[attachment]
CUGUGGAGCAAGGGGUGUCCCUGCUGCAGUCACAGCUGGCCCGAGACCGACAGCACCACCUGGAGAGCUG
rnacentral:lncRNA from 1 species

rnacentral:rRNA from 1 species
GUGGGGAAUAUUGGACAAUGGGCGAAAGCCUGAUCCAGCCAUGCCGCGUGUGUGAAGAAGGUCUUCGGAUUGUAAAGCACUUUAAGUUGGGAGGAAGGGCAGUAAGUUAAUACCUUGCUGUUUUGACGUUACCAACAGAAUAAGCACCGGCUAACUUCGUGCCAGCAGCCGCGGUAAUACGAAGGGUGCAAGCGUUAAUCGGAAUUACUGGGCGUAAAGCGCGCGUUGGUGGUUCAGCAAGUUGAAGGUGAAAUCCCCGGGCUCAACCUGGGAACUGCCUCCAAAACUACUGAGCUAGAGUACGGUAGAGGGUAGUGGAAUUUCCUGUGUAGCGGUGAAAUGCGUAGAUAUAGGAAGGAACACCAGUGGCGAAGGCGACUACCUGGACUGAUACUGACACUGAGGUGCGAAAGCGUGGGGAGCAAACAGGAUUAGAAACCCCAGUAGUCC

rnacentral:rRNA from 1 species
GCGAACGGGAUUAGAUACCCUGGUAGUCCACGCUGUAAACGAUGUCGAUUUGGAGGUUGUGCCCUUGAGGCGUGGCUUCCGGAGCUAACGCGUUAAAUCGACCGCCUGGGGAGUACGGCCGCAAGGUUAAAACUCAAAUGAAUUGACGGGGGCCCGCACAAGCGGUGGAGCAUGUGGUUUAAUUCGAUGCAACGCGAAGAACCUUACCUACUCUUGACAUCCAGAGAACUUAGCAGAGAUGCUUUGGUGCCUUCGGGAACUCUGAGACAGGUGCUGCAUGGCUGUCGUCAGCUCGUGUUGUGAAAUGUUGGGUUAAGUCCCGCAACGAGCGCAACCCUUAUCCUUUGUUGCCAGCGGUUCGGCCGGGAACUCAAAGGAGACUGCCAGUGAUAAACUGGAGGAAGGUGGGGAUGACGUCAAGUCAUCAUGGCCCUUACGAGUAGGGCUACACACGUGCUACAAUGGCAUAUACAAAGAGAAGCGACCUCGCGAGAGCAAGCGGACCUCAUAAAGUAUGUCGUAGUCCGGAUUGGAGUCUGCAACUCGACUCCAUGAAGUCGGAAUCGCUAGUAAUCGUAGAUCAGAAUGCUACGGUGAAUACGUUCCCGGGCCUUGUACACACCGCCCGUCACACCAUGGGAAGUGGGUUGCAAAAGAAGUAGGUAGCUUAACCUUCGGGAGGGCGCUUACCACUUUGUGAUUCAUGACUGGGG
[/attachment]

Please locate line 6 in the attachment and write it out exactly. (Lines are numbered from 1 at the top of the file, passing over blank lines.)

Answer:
GCGAACGGGAUUAGAUACCCUGGUAGUCCACGCUGUAAACGAUGUCGAUUUGGAGGUUGUGCCCUUGAGGCGUGGCUUCCGGAGCUAACGCGUUAAAUCGACCGCCUGGGGAGUACGGCCGCAAGGUUAAAACUCAAAUGAAUUGACGGGGGCCCGCACAAGCGGUGGAGCAUGUGGUUUAAUUCGAUGCAACGCGAAGAACCUUACCUACUCUUGACAUCCAGAGAACUUAGCAGAGAUGCUUUGGUGCCUUCGGGAACUCUGAGACAGGUGCUGCAUGGCUGUCGUCAGCUCGUGUUGUGAAAUGUUGGGUUAAGUCCCGCAACGAGCGCAACCCUUAUCCUUUGUUGCCAGCGGUUCGGCCGGGAACUCAAAGGAGACUGCCAGUGAUAAACUGGAGGAAGGUGGGGAUGACGUCAAGUCAUCAUGGCCCUUACGAGUAGGGCUACACACGUGCUACAAUGGCAUAUACAAAGAGAAGCGACCUCGCGAGAGCAAGCGGACCUCAUAAAGUAUGUCGUAGUCCGGAUUGGAGUCUGCAACUCGACUCCAUGAAGUCGGAAUCGCUAGUAAUCGUAGAUCAGAAUGCUACGGUGAAUACGUUCCCGGGCCUUGUACACACCGCCCGUCACACCAUGGGAAGUGGGUUGCAAAAGAAGUAGGUAGCUUAACCUUCGGGAGGGCGCUUACCACUUUGUGAUUCAUGACUGGGG